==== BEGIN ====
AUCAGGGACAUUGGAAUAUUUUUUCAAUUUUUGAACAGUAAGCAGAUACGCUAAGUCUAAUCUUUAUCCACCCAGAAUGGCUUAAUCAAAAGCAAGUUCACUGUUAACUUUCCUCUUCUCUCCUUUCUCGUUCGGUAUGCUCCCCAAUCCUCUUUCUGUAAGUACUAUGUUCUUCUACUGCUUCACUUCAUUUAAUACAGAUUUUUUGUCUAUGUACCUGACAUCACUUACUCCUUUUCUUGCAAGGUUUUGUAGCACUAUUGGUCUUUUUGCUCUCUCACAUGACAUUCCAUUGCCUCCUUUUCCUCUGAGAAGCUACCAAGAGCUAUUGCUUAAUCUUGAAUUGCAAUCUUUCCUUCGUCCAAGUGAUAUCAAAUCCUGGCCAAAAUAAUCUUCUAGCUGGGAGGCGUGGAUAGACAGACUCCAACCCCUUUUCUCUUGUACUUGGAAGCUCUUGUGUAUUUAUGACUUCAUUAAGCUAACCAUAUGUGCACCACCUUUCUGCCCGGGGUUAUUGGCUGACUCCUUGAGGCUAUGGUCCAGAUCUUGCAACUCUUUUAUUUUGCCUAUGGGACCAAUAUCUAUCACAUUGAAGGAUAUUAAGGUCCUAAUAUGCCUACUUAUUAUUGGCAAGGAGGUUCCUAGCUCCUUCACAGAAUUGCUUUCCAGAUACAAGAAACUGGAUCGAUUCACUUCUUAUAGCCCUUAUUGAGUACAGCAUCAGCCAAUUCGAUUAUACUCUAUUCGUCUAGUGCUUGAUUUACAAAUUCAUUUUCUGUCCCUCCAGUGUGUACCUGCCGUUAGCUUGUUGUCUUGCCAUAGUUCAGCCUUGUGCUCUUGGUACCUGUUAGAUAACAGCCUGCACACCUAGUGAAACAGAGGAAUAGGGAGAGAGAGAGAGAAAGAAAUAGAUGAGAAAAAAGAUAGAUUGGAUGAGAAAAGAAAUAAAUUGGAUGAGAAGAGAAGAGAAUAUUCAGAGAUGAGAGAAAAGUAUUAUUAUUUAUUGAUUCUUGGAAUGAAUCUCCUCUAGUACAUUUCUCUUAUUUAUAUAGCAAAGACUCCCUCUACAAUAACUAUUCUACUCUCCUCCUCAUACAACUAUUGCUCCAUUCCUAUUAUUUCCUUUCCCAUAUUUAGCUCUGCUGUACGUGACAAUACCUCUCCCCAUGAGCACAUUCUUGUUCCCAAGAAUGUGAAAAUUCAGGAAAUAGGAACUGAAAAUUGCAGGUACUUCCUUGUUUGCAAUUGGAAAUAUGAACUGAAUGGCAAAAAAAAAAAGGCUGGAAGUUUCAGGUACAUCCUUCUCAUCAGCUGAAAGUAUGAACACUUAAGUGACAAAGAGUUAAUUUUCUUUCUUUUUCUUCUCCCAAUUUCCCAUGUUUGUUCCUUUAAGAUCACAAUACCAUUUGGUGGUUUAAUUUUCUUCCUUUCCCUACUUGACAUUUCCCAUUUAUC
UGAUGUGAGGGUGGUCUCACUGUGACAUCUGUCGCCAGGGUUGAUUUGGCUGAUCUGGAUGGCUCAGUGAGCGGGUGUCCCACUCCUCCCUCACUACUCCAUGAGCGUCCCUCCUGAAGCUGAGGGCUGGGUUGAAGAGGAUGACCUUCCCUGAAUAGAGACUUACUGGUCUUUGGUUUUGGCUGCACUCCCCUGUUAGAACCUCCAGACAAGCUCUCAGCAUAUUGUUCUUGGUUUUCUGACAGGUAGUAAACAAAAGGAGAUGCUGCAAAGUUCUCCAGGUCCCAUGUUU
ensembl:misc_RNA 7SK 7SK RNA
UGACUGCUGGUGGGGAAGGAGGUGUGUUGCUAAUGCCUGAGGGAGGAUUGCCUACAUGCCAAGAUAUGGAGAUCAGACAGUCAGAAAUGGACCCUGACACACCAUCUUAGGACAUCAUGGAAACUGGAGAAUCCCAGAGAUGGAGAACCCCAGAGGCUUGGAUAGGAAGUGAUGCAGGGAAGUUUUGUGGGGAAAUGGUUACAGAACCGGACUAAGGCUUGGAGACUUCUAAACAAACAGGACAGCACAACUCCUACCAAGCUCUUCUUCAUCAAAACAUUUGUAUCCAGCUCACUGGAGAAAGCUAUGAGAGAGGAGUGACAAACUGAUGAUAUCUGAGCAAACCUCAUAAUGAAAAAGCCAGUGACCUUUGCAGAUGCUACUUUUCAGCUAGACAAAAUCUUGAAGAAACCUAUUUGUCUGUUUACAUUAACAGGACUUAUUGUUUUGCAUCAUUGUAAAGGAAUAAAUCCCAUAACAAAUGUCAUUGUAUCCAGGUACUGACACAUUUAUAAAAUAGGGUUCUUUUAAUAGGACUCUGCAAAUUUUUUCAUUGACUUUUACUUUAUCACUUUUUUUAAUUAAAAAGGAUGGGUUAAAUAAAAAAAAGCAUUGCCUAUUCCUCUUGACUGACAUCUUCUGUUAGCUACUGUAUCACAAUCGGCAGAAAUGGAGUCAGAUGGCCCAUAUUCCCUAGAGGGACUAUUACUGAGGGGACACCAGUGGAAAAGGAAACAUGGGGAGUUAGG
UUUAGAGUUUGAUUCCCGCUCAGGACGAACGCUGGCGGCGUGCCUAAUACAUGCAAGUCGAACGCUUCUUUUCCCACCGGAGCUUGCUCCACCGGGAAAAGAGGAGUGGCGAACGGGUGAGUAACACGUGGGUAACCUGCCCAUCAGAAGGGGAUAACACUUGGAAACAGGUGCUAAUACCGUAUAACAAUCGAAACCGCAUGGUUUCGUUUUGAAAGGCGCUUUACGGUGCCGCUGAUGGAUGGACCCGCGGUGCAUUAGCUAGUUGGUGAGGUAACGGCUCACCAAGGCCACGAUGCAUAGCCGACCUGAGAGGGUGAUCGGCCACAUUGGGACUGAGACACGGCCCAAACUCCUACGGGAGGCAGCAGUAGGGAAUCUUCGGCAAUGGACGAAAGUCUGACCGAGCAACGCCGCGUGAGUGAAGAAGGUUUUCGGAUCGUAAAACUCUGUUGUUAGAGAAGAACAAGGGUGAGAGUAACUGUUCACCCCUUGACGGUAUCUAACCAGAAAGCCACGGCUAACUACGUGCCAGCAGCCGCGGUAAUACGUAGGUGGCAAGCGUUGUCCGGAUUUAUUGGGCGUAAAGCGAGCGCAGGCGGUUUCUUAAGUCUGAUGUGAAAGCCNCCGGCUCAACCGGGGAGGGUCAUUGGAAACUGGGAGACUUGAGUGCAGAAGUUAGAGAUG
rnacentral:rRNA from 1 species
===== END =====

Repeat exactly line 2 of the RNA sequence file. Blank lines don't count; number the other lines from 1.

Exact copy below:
UGAUGUGAGGGUGGUCUCACUGUGACAUCUGUCGCCAGGGUUGAUUUGGCUGAUCUGGAUGGCUCAGUGAGCGGGUGUCCCACUCCUCCCUCACUACUCCAUGAGCGUCCCUCCUGAAGCUGAGGGCUGGGUUGAAGAGGAUGACCUUCCCUGAAUAGAGACUUACUGGUCUUUGGUUUUGGCUGCACUCCCCUGUUAGAACCUCCAGACAAGCUCUCAGCAUAUUGUUCUUGGUUUUCUGACAGGUAGUAAACAAAAGGAGAUGCUGCAAAGUUCUCCAGGUCCCAUGUUU